- Security TWENTY
- Women in Security
G4S Cash Solutions (UK) Limited has been fined £1.8m after a prosecution by Harlow Council of the company for failing to protect its workers from the risk of Legionnaires’ disease. At a sentence hearing on Friday, September 2, at Chelmsford Crown Court the judge decided to fine the cash handling arm of the security contract company, after it pleaded guilty on June 20 to two charges under the Health and Safety at Work Act 1974. As well as a fine, the company will pay the council’s court costs of around £34,000.
Harlow Council Environmental Health Officers inspected G4S’s Harlow site in October 2013 after it received a report that a Harlow resident had contracted Legionellosis. Al potential sources of infection were investigated. The resident worked at the site and although it was never confirmed that the disease was contracted from there, Harlow Environmental Health Officers started to uncover what the court heard was a serious lack of compliance in maintaining water systems at the site.
They found that the monitoring and testing of systems was erratic, staff had received inadequate training, and there were no up to date policies or suitable and sufficient risk assessments in place to safely operate or manage the building’s water systems. G4S did not take the steps required to reduce the risk of Legionnaires’ disease from its water systems and this was despite a long-standing duty, extensive guidance, advice from their own consultants and advice from Harlow, the court heard.
Around 200 people are believed to work at G4S’s site in Harlow with various contractors and drivers visiting the site throughout the day.
The company advised the court that they have since taken a number of measures to improve health and safety across G4S.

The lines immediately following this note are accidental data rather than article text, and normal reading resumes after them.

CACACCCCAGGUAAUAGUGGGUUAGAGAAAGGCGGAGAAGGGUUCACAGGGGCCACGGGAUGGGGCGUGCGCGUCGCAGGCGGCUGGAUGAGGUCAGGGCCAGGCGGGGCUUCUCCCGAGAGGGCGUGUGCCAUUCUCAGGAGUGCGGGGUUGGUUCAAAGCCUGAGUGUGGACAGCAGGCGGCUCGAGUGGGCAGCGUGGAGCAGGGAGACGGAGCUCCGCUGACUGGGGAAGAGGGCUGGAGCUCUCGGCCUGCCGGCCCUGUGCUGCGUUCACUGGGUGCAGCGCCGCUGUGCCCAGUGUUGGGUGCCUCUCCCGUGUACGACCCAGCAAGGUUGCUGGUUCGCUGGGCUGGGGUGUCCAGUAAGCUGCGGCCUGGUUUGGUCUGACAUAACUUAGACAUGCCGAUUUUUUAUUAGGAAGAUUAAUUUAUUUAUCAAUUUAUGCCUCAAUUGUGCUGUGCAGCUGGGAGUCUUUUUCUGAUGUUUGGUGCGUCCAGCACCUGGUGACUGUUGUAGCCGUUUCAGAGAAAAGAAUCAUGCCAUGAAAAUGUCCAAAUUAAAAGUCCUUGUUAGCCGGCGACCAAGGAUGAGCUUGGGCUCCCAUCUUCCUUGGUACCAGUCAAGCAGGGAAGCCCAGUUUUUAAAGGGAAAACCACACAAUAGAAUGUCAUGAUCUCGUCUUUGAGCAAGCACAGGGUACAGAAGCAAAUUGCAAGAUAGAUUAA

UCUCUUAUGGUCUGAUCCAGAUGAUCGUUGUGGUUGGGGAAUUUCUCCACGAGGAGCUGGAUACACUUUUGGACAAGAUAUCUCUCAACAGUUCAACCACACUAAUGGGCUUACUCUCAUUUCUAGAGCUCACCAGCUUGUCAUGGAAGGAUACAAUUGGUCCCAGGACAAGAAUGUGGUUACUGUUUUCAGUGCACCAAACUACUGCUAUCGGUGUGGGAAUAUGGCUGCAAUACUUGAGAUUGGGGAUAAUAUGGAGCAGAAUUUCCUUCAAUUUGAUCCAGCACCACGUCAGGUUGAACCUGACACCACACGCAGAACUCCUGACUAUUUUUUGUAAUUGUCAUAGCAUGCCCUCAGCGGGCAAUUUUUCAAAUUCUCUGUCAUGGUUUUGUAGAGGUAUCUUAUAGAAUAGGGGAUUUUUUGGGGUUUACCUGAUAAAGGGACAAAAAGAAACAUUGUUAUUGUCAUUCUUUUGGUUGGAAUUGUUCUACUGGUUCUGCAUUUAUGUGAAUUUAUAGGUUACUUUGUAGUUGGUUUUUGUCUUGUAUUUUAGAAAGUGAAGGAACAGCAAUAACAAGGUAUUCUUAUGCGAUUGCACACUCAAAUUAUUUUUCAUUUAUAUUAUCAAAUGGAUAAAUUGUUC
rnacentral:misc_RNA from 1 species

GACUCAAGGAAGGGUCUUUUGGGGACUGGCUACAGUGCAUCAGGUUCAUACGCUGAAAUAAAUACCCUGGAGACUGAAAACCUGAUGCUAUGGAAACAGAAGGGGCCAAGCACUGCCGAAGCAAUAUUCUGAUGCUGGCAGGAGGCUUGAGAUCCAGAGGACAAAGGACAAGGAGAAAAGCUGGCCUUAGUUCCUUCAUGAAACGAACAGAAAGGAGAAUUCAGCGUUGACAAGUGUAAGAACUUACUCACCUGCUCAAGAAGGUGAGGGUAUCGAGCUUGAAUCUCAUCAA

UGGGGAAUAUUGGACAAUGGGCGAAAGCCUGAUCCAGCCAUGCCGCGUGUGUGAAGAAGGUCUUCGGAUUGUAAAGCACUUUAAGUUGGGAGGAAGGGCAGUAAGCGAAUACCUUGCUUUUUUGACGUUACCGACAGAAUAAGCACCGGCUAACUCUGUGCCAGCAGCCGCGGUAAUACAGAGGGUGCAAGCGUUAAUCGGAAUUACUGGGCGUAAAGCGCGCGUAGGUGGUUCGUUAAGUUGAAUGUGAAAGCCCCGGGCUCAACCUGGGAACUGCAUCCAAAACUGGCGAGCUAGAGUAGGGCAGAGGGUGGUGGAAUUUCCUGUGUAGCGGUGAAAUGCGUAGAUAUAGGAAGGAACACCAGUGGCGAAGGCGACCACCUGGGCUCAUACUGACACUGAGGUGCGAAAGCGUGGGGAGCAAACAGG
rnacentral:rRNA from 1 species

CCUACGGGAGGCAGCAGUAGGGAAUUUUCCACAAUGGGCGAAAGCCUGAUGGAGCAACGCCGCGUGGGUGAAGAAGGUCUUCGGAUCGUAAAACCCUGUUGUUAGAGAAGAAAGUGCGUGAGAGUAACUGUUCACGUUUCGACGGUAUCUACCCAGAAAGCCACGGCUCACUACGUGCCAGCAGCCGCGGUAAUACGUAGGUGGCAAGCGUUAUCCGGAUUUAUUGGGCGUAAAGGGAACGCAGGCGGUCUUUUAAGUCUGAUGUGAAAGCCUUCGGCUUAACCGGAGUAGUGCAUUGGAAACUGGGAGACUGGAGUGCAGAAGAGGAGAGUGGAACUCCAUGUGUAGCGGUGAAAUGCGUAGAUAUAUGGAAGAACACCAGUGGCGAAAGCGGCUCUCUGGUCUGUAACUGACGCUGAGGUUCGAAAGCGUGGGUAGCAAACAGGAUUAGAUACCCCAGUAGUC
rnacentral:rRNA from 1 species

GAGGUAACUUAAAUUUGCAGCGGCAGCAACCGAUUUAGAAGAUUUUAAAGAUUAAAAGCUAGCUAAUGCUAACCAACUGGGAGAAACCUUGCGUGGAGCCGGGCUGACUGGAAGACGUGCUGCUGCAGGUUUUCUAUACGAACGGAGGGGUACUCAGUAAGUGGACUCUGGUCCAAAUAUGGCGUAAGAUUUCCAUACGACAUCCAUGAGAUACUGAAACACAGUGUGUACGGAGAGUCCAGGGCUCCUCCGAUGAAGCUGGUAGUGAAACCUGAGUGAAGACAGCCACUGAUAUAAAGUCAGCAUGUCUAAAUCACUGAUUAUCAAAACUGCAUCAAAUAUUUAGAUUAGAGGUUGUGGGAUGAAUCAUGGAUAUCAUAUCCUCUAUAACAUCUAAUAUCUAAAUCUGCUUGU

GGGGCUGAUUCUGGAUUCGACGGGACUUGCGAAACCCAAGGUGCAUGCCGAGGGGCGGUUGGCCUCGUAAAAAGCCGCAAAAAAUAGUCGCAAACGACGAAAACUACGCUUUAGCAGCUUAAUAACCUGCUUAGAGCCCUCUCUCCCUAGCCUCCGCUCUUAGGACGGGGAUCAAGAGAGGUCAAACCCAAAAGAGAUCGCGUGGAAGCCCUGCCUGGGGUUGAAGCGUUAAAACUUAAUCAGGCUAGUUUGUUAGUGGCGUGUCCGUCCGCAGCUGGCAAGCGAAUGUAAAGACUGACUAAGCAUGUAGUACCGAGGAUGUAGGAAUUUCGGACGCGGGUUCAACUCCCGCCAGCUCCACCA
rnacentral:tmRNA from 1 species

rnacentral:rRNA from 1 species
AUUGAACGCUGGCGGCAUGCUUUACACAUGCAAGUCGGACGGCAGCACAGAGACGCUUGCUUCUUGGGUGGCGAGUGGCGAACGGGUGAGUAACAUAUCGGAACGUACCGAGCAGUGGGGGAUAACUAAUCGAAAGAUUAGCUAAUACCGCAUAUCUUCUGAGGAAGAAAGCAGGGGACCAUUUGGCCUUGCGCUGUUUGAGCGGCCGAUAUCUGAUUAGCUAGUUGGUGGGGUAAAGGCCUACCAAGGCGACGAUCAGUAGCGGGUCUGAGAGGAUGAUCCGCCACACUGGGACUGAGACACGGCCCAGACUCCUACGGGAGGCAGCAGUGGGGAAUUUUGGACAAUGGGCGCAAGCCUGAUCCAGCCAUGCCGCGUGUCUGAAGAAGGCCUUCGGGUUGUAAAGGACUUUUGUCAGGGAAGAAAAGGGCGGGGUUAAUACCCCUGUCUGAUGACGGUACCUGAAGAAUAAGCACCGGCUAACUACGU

After the court case, Councillor Danny Purton, Portfolio Holder for Environment, said: “The health and safety of our citizens is our number one priority and the Council will always encourage employers to make improvements that protect their workers. However, there are cases where if necessary, we will prosecute because you simply can’t play with people’s lives. Although some improvements were made eventually, it had taken G4S almost three years from the date of a risk assessment in 2012 to reach minimum standards to protect its staff and visitors from exposure to Legionella bacteria.
“The million-pound-plus fine should send a serious and important message to other companies. Legionnaires’ disease is a real risk and companies need to take their health and safety duties to their employees and others very seriously. Council Environmental Health Officers up and down the country are working hard, often unnoticed, behind the scenes enforcing health and safety laws and I hope cases like this will give them the recognition they deserve.”
The health and safety regulator says that inhalation of small droplets of contaminated water containing Legionella bacteria can causes Legionnaires’ disease, a potentially fatal form of pneumonia. Hot and cold systems are likely to provide an environment where Legionella can grow if not managed: visit www.hse.gov.uk/legionnaires.